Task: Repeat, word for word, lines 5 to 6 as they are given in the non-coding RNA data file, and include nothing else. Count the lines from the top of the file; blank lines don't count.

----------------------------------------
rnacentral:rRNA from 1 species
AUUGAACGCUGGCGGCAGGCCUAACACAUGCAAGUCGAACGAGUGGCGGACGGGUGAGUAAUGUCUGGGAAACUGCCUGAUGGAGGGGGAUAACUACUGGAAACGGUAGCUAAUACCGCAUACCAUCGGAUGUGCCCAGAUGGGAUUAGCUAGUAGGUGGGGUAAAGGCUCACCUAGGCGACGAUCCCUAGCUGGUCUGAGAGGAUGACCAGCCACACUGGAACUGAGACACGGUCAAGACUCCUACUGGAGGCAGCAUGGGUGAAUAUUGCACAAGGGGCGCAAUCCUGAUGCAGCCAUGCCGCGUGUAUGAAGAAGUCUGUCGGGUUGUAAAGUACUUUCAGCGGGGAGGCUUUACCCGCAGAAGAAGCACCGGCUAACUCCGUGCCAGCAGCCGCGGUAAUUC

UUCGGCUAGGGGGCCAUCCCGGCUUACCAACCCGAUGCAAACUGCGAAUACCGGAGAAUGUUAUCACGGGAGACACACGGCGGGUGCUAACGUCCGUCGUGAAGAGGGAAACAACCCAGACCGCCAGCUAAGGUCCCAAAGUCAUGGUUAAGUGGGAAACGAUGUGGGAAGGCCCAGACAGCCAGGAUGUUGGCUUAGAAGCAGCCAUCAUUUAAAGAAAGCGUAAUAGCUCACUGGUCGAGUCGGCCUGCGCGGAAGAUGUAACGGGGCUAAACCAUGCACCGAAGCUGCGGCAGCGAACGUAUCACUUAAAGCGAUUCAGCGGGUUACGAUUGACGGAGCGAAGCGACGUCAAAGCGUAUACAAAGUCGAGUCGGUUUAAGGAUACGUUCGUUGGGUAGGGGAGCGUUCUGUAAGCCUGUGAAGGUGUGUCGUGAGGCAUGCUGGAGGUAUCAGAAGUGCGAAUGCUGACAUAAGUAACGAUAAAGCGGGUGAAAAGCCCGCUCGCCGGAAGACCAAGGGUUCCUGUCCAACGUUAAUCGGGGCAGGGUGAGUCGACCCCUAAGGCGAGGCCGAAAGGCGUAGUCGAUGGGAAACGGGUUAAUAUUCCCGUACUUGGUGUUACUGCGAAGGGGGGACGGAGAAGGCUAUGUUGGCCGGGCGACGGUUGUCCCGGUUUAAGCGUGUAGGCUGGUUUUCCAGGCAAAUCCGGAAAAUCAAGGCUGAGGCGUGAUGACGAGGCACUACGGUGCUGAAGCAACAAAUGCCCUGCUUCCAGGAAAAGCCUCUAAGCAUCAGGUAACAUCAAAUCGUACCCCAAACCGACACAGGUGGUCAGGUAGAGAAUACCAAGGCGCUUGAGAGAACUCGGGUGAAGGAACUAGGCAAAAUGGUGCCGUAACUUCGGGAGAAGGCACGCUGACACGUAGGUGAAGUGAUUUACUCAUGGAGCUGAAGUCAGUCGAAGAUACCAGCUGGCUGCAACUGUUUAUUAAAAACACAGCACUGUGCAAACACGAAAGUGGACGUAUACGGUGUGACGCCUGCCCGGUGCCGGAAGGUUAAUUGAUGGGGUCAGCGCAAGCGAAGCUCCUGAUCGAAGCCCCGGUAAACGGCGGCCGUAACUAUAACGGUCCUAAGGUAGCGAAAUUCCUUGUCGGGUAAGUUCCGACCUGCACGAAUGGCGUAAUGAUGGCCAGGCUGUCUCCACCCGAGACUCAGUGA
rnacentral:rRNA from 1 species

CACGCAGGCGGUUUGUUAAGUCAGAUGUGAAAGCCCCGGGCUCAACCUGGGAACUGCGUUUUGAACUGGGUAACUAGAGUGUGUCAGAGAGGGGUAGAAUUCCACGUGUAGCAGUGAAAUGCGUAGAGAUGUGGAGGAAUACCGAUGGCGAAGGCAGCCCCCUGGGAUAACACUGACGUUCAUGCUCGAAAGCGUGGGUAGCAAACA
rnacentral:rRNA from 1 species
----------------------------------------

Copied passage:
CACGCAGGCGGUUUGUUAAGUCAGAUGUGAAAGCCCCGGGCUCAACCUGGGAACUGCGUUUUGAACUGGGUAACUAGAGUGUGUCAGAGAGGGGUAGAAUUCCACGUGUAGCAGUGAAAUGCGUAGAGAUGUGGAGGAAUACCGAUGGCGAAGGCAGCCCCCUGGGAUAACACUGACGUUCAUGCUCGAAAGCGUGGGUAGCAAACA
rnacentral:rRNA from 1 species